The most notable world news in 1934 was made in Germany and China. In Germany, in what became known as the “Night of the Long Knives”, Hitler consolidated his political power with a brutal purge of fellow Nazis, especially Ernst Roehm’s “Brownshirts”, a paramilitary organization whose violent tactics had been essential to Hitler’s seizure of power. Their usefulness was now much diminished and their power was seen as a threat to Hitler. He acted savagely by killing Ernst Roehm, the Brown Shirt’s leader, and hundreds of others, many having no connection with the Brown Shirts.
In China, Mao and his Communist forces began the “Long March” of nearly 6000 miles into the mountains of northern China to escape the army of Chiang Kai-shek. In the mountains Mao regrouped, and, after years of struggle, drove Chiang’s forces from the mainland onto the island of Taiwan. What may seem ancient history could well become the “casus belli” for war between China and the United States today.
The big news in the U.S. in 1934, of course, was the Depression. Congress approved the ERA (Economic Recovery Act) and the WPA (Works Progress Administration), the largest and most ambitious of President Franklin Roosevelt’s attempts to bring the country out of recession. Passage of the legislation encountered bitter resistance in Congress and a very conservative Supreme Court found important parts of FDR’s program unconstitutional, triggering his attempt to pack the Court.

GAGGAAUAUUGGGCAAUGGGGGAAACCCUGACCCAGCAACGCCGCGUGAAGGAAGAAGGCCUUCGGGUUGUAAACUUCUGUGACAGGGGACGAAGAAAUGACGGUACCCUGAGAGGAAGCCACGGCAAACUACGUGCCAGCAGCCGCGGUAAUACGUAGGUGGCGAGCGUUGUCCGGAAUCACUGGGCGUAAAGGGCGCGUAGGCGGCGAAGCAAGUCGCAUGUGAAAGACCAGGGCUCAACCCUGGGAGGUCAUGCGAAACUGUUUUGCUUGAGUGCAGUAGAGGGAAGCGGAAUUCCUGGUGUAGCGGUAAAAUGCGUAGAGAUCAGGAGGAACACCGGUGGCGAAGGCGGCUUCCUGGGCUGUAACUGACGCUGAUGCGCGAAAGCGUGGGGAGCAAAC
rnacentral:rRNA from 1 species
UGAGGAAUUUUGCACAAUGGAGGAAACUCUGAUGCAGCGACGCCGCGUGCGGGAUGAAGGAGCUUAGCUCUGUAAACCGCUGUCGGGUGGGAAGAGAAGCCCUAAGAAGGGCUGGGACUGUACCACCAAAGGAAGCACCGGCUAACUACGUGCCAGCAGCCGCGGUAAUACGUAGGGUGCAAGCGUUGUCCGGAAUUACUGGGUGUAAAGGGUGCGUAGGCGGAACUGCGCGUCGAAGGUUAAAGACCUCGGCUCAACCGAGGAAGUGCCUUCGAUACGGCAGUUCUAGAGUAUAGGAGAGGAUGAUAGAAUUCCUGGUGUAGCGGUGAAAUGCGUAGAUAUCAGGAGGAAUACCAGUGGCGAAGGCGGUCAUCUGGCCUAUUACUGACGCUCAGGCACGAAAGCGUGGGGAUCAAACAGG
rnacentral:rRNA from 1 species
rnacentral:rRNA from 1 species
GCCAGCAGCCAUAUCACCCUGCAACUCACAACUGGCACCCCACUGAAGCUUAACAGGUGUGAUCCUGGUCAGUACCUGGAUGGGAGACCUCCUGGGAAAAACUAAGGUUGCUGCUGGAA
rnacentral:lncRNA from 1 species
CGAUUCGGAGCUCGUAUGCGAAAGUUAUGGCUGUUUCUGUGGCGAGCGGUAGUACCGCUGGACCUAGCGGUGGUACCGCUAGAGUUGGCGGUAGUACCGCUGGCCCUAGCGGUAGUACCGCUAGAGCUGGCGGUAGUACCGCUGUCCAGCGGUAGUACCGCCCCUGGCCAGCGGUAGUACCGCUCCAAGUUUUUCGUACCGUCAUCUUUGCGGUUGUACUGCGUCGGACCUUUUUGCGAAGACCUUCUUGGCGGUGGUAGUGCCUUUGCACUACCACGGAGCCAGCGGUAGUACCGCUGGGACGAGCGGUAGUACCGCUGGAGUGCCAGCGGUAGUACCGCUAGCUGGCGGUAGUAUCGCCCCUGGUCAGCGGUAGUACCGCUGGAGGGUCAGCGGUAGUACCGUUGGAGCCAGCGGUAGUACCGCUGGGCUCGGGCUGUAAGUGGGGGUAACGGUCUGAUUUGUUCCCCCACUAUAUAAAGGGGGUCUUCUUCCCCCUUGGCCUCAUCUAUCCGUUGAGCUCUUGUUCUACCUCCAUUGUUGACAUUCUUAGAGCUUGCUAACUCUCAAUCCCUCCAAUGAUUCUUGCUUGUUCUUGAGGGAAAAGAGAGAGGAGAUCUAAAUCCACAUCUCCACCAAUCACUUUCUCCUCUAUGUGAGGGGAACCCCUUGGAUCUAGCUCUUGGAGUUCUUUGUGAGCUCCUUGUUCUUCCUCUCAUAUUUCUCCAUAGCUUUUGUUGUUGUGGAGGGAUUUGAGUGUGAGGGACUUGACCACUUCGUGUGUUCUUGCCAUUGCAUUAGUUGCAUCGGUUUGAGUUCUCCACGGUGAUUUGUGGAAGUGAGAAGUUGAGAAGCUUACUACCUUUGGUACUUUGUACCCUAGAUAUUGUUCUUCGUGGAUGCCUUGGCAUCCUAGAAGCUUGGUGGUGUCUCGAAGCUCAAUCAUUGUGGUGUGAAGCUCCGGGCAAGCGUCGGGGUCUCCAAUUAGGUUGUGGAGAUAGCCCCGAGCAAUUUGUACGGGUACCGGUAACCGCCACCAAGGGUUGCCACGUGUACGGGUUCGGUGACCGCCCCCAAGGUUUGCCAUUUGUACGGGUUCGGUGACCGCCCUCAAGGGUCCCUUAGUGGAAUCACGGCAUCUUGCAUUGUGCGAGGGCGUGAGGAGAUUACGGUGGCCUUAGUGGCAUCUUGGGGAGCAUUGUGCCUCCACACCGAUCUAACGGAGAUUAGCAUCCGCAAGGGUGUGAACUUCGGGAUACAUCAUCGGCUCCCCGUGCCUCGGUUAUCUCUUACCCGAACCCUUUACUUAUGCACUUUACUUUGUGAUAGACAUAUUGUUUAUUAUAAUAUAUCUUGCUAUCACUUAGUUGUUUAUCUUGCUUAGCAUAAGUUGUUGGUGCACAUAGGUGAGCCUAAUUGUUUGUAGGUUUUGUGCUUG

Programs such as the Civilian Conservation Corps (CCC), which locally operated from the CCC camp in Princeton, provided work for hundreds of unemployed local workers, including in the reconstruction of the Charlotte Road pictured above. While this photo is dated 1938, the CCC program was established in 1933 and significant projects were undertaken beginning in 1934.
The power struggle in Washington had important consequences for the St. Croix Valley and especially the area’s economic engine: the Woodland Mill. Reports like those above from the Bangor Daily followed the influx of funds from the Federal programs which were essential to keeping the mill running and the economy from stalling out completely.
Even though the economy was on everyone’s mind in 1934, there were several other events in the news which tended to distract folks from their economic hardship. Gangsters had achieved celebrity status during Prohibition, but 1934 was a very bad year for these villains.
John Dillinger had a good early 1934 when he escaped from jail by brandishing a wooden pistol, but sadly for Dillinger, the FBI (with the help of a Romanian prostitute who agreed to set up the gangster to avoid her deportation) ambushed Dillinger outside the Biograph Theater in Chicago. He was gunned him down in a barrage of lead from the real thing. In a seamy end to the affair the prostitute was in turn double crossed by the FBI and deported.
Bonnie and Clyde also met their end is a fusillade of lead fired by dozens of lawmen who ambushed their car and Pretty Boy Floyd was shot dead in an Ohio cornfield as he made a run for the tree line.
Two and a half years after the murder of the Lindbergh baby, a bank teller noticed a $10 gold certificate deposited by a gas station was on the list of bills paid for the baby’s ransom. The gas station attendant had written on the margin of the bill the license plate number of the customer’s car, which was registered to Bruno Hauptman. He was arrested on September 19, 1934, and was tried in early 1935 for the kidnapping and murder of the Lindberg baby. The trial generated a media circus unrivaled until perhaps the OJ Simpson trial.